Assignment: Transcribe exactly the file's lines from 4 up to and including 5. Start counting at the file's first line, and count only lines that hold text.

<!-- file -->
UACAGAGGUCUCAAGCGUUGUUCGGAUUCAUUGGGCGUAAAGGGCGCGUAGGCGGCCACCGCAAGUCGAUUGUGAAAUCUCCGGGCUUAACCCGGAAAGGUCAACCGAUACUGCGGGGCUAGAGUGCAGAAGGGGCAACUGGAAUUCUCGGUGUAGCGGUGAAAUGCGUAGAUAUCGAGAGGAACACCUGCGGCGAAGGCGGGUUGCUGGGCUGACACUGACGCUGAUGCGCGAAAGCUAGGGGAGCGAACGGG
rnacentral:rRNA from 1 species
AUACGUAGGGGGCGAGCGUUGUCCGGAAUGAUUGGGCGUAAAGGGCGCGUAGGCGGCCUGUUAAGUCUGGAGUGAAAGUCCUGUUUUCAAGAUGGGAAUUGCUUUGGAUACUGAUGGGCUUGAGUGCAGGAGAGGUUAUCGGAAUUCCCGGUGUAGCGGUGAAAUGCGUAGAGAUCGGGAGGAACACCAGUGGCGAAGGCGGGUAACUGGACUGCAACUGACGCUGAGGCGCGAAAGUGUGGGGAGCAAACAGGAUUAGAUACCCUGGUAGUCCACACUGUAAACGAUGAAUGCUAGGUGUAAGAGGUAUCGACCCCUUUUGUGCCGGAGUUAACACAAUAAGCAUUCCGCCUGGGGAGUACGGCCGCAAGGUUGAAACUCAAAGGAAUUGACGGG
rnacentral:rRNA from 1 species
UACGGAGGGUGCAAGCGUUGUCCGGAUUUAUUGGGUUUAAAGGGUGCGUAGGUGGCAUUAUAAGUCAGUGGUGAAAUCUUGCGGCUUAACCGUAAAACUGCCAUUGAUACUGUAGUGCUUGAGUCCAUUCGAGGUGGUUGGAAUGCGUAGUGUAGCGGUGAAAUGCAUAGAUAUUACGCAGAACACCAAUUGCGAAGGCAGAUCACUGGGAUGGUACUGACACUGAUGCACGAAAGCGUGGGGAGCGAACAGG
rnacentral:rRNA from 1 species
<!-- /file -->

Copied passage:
rnacentral:rRNA from 1 species
UACGGAGGGUGCAAGCGUUGUCCGGAUUUAUUGGGUUUAAAGGGUGCGUAGGUGGCAUUAUAAGUCAGUGGUGAAAUCUUGCGGCUUAACCGUAAAACUGCCAUUGAUACUGUAGUGCUUGAGUCCAUUCGAGGUGGUUGGAAUGCGUAGUGUAGCGGUGAAAUGCAUAGAUAUUACGCAGAACACCAAUUGCGAAGGCAGAUCACUGGGAUGGUACUGACACUGAUGCACGAAAGCGUGGGGAGCGAACAGG